Last month I attended my first ever PWAC get-together. The Professional Writer’s Association of Canada is the largest freelance writing organization in the country, and although I had been aware of its existence for quite some time I had never seriously considered joining until this past year. My change of heart was due in part to a desire to meet other freelancers, as well as an interest in learning about new writing markets and a simple curiosity regarding what benefits the Association had to offer me.
It also helped that the PWAC National Conference – think annual meeting – was being held in Montreal, a city so close to my home that there was no reasonable way I could talk myself out of attending. I thought that the PWAC Conference would give me a chance to meet a broad spectrum of members, as well as get a feel for how the Association presents itself to the world. I signed up for the introductory reception, one seminar and a potluck dinner being held at the home of one of the Montreal organizers and approached the event with an open mind.
I came away with mixed impressions of the National Conference. I enjoyed connecting with other writers, and in particular the chance to finally meet Angela West in person after years of email correspondence. I also made some new friends in Melanie Epp, Giancarlo La Giorgia and Lauren Stewart, along with many others. It is rare that I am able to converse in-depth with those in the writing profession, and it was most interesting to hear the sometimes very different perspectives that other professionals have towards their careers.
The seminar I attended was unfortunately not up to the same level as the quality of the interpersonal interaction that came with the weekend. It was focused on entrepreneurship for freelance writers, but the three panel members – while all interesting to listen to – came from a very different business perspective than that of a freelancer. I came in expect to hear an experienced, freelance writer / entrepreneur say “here are some of the challenges I faced while running my business, here are some of the solutions I came up with, and here are some of the things I tried that did not work.” Instead, entrepreneurship was discussed in very broad strokes by panel members who were running organizations, tech companies or publishing houses. Interesting, but not nearly as applicable as I would have liked it to be.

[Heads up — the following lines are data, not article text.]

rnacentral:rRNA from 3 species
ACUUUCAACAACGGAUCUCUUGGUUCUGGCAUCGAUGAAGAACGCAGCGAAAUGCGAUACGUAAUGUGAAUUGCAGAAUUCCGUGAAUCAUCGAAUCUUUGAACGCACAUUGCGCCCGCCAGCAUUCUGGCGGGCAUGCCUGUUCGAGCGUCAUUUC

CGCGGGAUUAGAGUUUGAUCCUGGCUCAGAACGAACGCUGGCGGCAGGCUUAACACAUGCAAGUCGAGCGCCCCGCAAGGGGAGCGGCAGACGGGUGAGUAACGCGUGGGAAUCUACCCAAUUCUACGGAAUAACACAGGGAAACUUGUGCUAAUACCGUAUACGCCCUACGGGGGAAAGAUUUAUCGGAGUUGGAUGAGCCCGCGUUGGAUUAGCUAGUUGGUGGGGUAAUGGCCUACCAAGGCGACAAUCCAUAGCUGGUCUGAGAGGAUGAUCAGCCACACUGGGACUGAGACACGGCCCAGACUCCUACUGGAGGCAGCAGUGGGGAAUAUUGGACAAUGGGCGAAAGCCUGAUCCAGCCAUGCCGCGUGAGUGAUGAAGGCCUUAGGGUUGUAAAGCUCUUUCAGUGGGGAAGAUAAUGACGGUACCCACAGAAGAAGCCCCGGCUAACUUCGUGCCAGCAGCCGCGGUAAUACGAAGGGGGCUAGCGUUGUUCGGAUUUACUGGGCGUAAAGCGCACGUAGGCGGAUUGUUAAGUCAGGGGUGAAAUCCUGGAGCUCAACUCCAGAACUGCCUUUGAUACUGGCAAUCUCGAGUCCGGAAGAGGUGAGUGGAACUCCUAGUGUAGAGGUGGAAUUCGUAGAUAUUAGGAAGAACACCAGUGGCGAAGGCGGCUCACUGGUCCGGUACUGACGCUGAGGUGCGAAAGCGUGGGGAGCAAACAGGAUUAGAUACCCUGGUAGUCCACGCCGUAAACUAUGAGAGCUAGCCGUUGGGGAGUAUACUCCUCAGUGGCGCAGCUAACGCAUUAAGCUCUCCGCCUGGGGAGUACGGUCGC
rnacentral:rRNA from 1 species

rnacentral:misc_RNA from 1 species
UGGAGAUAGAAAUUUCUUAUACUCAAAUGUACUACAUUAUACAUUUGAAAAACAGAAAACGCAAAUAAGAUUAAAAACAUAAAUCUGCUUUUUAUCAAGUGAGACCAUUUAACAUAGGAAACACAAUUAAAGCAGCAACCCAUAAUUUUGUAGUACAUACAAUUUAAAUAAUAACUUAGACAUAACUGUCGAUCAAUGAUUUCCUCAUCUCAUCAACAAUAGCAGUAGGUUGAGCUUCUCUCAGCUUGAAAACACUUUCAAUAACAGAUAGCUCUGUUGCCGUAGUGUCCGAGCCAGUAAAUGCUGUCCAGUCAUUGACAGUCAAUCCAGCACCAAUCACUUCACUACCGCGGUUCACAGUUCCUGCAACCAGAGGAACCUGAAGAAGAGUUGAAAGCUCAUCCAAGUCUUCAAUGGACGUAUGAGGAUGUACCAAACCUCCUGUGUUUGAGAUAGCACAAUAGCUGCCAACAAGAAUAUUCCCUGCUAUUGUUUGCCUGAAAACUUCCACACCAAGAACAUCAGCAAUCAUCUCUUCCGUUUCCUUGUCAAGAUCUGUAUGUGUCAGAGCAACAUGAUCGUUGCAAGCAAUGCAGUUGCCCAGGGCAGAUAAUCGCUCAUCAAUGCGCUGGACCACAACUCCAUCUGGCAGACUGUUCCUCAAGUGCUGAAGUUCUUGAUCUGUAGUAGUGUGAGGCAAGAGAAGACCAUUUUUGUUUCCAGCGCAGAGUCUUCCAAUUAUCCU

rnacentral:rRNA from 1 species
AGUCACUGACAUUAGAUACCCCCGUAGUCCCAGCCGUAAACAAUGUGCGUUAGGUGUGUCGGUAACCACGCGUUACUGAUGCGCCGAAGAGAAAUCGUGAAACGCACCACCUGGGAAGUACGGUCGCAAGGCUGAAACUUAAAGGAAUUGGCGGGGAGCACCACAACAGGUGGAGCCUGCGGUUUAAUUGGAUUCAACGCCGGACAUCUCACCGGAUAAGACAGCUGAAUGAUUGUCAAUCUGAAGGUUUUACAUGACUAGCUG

I was also surprised by how low attendance was. Roughly 100 members attended the National Conference, and although I am uncertain as to the total number of PWAC members in Canada, this seems like a small turnout to me.
That being said, I continue to be intrigued by the possibilities offered by PWAC membership. I have been told that Quebec chapter activities slow down during the summer, but that the fall is projected to be a busier time. I am happy to have met the writers who took the time to speak with me, and the experience was definitely worth the effort of attending. I often get to meet and interview interesting people from all walks of life, but it is unusual to get in touch with other writers in person and just spend some time talking about the issues that affect us professionally. I appreciate PWAC giving me this opportunity at the National Conference.